“This event will give us the real opportunity to prioritize the council’s recommendations in a grass roots, bottom to top way,” Mr. Logie said. “And it’s the first opportunity anybody in the state has to do so.”
Despite its conservative bent, West Michigan is the logical place for Gov. Granholm to prod the Smart Growth discussion in Michigan, said Mayor Logie. He said the region’s business, institutional, and public leaders increasingly understand the real value of working to coordinate decisions about economic development and land use. Grand Rapids, for example, is a partner with its neighboring cities to design and construct water and sewer service in a way that guides new growth into existing communities, reduces the costly work of continually expanding and extending roads and new utilities, and leads to more efficient, targeted public services.
The city and its municipal neighbors have also united around the region’s transit service, which takes people to work, kids to school, relieves traffic congestion, and reduces air pollution. The bus system, known as the Interurban Transit Partnership, is so popular that even in these penny-pinching times area residents will head to the polls on November 4 and most likely vote to boost local funding for ITP for the second time in three years.
Mr. Logie, who’s been closely involved in both the rise of the ITP and establishment of reinvestment zones around Grand Rapids, is now touting another idea that may be the talk of the conference: The Metropolitan Rebate. The plan would allow the metropolitan area’s 47 different units of local government — which together spend over $650 million a year — to voluntarily consolidate essential services, reduce individual operating budgets, and annually free up over $30 million in taxpayer money.
All the plan needs, besides agreement from those 47 jurisdictions, is a new state law that makes such intramural cooperation legal. The Michigan Land Use Leadership Council’s report urges much greater cooperation among local governments and Mr. Logie thinks legislative action on the idea should be a priority in Lansing.
“We are talking about real dollars,” Mayor Logie said. “The pressure on state government to subsidize local government will be greatly reduced if our urban core areas could create this new kind of revenue base. Such consolidations would also expand our ability to think regionally, act regionally, and retain local control.”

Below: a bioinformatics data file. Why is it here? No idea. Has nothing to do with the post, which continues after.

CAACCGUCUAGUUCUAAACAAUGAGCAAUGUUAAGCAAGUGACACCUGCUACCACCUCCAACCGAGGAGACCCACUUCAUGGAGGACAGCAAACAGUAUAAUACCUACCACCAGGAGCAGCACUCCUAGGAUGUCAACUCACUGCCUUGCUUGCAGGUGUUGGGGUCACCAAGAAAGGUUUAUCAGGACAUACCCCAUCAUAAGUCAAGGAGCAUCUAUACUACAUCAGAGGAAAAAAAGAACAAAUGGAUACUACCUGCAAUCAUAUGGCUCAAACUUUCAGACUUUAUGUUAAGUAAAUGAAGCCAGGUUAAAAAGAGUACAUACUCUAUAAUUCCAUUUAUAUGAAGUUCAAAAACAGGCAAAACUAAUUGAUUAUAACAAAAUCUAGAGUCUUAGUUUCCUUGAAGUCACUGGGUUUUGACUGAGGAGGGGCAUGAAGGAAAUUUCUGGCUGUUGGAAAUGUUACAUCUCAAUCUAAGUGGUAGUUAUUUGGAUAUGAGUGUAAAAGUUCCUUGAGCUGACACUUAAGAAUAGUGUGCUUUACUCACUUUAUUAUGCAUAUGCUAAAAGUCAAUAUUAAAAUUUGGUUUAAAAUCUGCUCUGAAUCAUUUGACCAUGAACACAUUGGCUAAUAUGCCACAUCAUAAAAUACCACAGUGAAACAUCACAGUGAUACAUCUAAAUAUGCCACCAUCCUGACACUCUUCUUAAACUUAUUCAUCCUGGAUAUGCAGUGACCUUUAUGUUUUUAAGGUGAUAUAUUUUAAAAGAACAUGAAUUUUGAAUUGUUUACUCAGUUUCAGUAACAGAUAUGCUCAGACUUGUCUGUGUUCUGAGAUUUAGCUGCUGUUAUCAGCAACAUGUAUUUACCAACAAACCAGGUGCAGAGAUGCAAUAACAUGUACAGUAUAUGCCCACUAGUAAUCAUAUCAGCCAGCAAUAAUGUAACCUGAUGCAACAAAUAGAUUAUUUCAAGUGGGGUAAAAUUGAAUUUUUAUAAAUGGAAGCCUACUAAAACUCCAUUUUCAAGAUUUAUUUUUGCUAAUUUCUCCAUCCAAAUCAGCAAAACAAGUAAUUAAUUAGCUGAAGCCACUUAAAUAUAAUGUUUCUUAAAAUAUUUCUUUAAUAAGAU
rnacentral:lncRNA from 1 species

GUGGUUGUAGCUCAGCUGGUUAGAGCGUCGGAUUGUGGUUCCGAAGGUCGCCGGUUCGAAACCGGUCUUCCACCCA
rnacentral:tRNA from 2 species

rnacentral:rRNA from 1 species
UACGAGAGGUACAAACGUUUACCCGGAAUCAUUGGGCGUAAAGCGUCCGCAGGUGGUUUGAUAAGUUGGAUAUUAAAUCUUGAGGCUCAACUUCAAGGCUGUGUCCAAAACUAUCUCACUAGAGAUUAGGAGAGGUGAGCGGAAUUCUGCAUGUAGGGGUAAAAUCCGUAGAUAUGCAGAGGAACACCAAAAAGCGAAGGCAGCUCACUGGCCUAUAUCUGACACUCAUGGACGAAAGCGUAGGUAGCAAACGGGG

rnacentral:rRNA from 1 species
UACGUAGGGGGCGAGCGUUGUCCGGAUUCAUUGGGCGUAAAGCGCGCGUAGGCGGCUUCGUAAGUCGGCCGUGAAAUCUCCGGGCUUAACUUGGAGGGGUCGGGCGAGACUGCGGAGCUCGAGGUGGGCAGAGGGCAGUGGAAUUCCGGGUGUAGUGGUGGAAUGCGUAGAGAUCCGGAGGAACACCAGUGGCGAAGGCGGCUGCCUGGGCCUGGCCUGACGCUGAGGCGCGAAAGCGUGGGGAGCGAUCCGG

Building the Foundation for Sustainable Growth
Another area leader, businessman Jim Brooks, who also heads the West Michigan Strategic Alliance, champions a similar level of cooperation across a much larger region. Mr. Brooks says thinking and acting regionally is perhaps the most important strategy for growing the future economy of the Grand Rapids-Holland-Muskegon area. The Alliance was formed in 2000 to spur more thoughtful regional collaboration.
“For the last 30 years, west Michigan has experienced the fastest rate of population growth of any million-plus population center in the Midwest, and with it, one of the fastest rates of urban sprawl,” Mr. Brooks said in a September 25 presentation in Grand Rapids that underlined the key operating assumptions of Monday’s conference. “This extraordinary growth rate combined with a lack of coordinated policy and planning among our local units of government threatens our beaches, waterways, forests, and unique farmland.”
Mr. Brooks went on to say that the region’s 100-plus governments must unite to solve sprawl because the world economy is changing. The emerging 21st century economy uses information as its essential raw material and is defined by technology and mobility, so modern industries and workers are no longer stuck in any one place because of resources or geography. They can literally be almost anywhere.
As a result, Mr. Brooks said, skilled workers and executives increasingly choose to locate in places with a clean environment, reasonable taxes, walkable neighborhoods, good schools, and an active nightlife. Those communities able to offer superior living conditions, then, have a competitive advantage in the modern global economy.
“Regional economic growth is powered by creative people who prefer places that are diverse, tolerant, and open to new ideas,” Mr. Brooks said. “The frightening truth is that every major Michigan city — with the exception of Ann Arbor — has a net outflow of 20 to 30 year olds. They are moving to more dynamic and stimulating places.”
Mr. Brooks, who served on the Michigan Land Use Leadership Council, said implementing recommendations in the council’s final report would help to revive central cities, protect the environment, and strengthen the economy in the long run. But he said the council’s tight timeline provided little opportunity to prioritize the findings.
“The work’s not done,” he said. “There is still much to do.”
Andy Guy, who is chronicling the rise of Grand Rapids as a center of Smart Growth innovation in the Midwest, is a journalist and organizer in the Institute’s Grand Rapids field office. Reach him at firstname.lastname@example.org, or 616-308-6250.